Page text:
Armadillos Are Invading St. Louis


The Nine-Banded Armadillo has marched north across Missouri and has reached the doorstep of St. Louis. - SHUTTERSTOCK/HEIKO KIERA
  • Shutterstock/Heiko Kiera
  • The Nine-Banded Armadillo has marched north across Missouri and has reached the doorstep of St. Louis.

The rise of the armadillos is upon us.

For more than a century, the relentless grub eaters have crawled ever north, crossing nations once thought too distant into new landscapes once thought too cold. Every time biologists thought the bald little tanks had traveled as far as they could go, they swam another river or blindly raced through another field after sunset.

Now they’re here: Armadillos have reached the doorstep of St. Louis.

“I think that the mild winter that we’ve had this past year has allowed these armadillos that are on this northern fringe to not die, because the weather wasn’t that cold, or skedaddle back south because the weather wasn’t that cold,” Debby Fantz, a research scientist with the Missouri Department of Conservation, told the Riverfront Times.

While we were enjoying jacket weather in January, the armadillos were not dying, as traditionally happens in colder seasons. They were instead using their long claws to dig into our unfrozen golf courses and gardens, trapping buried insects behind a cage of peg-like teeth and swallowing them whole.

And so the return of summer has brought them out in full force. Head east, west or south of St. Louis, and their leathery carcasses begin to dominate the sides of the roads like a massacre of tiny dinosaurs.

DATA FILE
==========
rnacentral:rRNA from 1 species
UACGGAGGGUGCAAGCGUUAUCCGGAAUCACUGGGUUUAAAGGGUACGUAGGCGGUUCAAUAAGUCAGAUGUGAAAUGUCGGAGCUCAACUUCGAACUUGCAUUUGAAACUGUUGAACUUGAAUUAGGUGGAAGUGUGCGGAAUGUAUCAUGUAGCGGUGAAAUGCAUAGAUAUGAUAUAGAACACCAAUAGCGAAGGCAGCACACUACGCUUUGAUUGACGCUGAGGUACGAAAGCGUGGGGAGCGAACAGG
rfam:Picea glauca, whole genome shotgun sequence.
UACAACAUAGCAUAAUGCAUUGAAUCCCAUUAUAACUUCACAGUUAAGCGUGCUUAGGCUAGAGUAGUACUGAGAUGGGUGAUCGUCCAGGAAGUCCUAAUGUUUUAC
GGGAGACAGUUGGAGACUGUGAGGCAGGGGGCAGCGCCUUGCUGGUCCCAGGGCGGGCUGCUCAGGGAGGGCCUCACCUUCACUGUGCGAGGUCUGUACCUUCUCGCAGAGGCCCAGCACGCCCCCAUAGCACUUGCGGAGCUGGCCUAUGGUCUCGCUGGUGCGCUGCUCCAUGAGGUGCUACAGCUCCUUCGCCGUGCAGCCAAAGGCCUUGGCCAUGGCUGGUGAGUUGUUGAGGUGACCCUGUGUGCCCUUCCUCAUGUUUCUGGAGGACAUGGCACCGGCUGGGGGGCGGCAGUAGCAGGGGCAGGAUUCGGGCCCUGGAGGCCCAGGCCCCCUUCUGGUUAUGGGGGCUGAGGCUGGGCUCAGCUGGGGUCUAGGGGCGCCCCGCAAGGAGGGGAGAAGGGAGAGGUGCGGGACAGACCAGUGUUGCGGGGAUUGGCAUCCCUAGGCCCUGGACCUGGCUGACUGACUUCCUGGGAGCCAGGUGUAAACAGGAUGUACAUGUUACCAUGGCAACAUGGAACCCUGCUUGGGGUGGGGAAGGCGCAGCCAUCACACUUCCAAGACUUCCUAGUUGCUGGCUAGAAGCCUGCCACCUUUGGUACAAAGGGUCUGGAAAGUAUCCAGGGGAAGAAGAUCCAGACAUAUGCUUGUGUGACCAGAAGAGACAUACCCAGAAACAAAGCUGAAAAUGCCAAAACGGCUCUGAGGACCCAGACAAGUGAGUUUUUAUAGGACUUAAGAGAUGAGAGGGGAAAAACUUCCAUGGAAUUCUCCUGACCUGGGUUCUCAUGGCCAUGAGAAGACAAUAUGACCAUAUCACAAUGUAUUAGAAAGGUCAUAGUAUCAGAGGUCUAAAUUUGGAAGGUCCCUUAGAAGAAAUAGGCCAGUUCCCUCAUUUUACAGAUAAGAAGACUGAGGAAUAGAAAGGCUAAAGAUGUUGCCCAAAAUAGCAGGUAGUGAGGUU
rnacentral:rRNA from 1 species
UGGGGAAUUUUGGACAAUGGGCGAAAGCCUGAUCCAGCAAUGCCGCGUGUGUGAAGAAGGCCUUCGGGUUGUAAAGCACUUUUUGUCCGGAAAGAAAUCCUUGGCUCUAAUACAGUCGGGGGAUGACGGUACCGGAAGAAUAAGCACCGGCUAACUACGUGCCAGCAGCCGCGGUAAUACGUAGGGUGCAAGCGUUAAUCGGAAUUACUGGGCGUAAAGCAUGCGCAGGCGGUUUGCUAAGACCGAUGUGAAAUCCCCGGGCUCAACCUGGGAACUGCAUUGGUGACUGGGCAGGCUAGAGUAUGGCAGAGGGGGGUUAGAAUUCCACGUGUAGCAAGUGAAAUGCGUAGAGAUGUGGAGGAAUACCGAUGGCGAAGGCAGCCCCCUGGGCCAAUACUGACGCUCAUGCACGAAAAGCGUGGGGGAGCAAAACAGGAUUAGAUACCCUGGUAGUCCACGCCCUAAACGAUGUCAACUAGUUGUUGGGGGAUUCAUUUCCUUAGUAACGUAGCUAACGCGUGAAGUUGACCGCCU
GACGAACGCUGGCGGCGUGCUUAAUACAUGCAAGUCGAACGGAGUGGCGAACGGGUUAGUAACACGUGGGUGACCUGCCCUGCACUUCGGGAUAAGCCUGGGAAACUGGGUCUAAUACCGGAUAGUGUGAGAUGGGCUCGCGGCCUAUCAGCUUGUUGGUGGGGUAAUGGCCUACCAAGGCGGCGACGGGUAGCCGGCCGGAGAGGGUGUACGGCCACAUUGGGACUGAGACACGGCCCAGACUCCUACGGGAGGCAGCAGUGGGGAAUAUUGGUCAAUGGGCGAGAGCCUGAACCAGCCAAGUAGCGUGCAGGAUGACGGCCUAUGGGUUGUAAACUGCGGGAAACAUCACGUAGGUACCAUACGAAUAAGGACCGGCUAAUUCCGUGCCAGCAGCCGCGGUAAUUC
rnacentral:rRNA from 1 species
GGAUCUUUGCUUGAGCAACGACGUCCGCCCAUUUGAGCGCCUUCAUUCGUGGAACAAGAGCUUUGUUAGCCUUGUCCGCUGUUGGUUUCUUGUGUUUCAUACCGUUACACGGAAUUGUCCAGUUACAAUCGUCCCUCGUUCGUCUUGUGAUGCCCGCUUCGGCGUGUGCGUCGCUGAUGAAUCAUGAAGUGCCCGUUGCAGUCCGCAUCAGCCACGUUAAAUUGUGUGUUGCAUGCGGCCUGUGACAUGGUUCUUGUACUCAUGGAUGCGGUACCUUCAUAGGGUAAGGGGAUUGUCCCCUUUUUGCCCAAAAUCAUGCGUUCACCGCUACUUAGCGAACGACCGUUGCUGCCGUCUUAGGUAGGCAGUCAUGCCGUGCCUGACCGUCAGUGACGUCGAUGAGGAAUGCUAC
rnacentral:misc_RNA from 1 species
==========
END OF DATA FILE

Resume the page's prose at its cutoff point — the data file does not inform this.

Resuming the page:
It’s not that they’re slow runners, but they have nearly useless, pea-sized eyes and a singular focus on hunting down bugs and larvae, including the kinds that congregate in roadkill. Oh, and they jump as a defense mechanism. Yes, jump.

Imagine, if you will, driving through the lonely dark of a Missouri highway when a scaly bowling ball with legs and a pig nose springs into the air and smashes out your headlight. This will have been your introduction to the Nine-Banded Armadillo.

Not everyone is convinced that this year is any worse than others. Andrew Gates of the Missouri Department of Transportation believes that this year seems in line with recent years. He even checked with the department’s head of maintenance to make sure. “He’s not really seeing that much difference,” Gates reports.

But that’s one of the sneaky parts of the slow creep of armadillos across the state. They retreat and surge, taking a decade or two to conquer new regions. They make your hometown their hometown before you realize it.

Once, they were found only in South and Central America, where car-size shells of prehistoric armadillos are sometimes found. They eventually crossed into Texas in the 1800s. The first Missouri sightings in the 1940s were thought to be a fluke — maybe smuggled in as pets or possibly carried north as accidental cargo on trucks. But they were regulars in Southwest Missouri by the 1980s and Central Missouri by the 1990s. In 2000, people began reporting sightings north of the Missouri River.